The Rolling Stones have probably released more iconic tracks than any other band in history. Hardly surprising when you learn they’ve been together for over half a century and hold the record for the most recorded songs of all time. One of the most iconic of their incredible 439 tracks is “Paint It, Black”. Released in 1966, it was the first single from the fourth album, Aftemath, and became an anthem for the Sixties counter culture.
What’s more, it’s one of our favourite tunes ever. Two very good reasons to dig deeper and discover more about a song, music critic Richie Unterberger said, “qualifies as perhaps the most effective use of a sitar in a rock song.”
1. The original version was entitled “Paint It Black” without a comma. Keith Richards later said that the comma was added by the record label, Decca.
2.There was no specific inspiration for the lyrics. When asked at the time why he wrote a song about death and depression Mick Jagger replied: “I don’t know. It’s been done before. It’s not an original thought by any means. It all depends on how you do it.”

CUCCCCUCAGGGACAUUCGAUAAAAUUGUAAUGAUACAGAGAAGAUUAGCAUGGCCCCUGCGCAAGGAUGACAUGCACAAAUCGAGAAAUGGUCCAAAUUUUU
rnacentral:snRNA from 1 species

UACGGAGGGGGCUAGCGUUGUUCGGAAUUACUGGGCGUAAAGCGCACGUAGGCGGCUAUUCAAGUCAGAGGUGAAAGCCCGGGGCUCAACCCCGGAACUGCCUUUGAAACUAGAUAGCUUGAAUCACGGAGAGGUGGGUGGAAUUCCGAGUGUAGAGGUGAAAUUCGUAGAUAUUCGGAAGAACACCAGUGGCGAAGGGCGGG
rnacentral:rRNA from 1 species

3. In 1966, the single topped both the United States and the United Kingdom charts, making it the first ever US and UK number one single to feature a sitar. Nearly forty years later, in 2004, it was ranked number 176 on Rolling Stone magazine’s list of the 500 Greatest Songs of All Time.
4. Jagger got the line “I turn my head until my darkness goes” from James Joyce’s Ulysses.
5. Talking on his Absolute Radio show, Stones’ co-guitarist Ronnie Wood disclosed that Keith Richards has trouble remembering how to play this song. He revealed, “We always have this moment of hesitation where we don’t know if Keith’s going to get the intro right.”
6. In the late 1980s, “Paint It Black” became associated with the Vietnam War due to its use in both the ending credits of the 1987 film Full Metal Jacket and its use as the theme song for Tour Of Duty, a CBS-TV show about the Vietnam war which ran from 1987-1990.
7. Sadly, for The Rolling Stones, “Paint It, Black” is one of the tunes they no longer control. They sold the rights to it during the Sixties to ex-manager Allen Klein.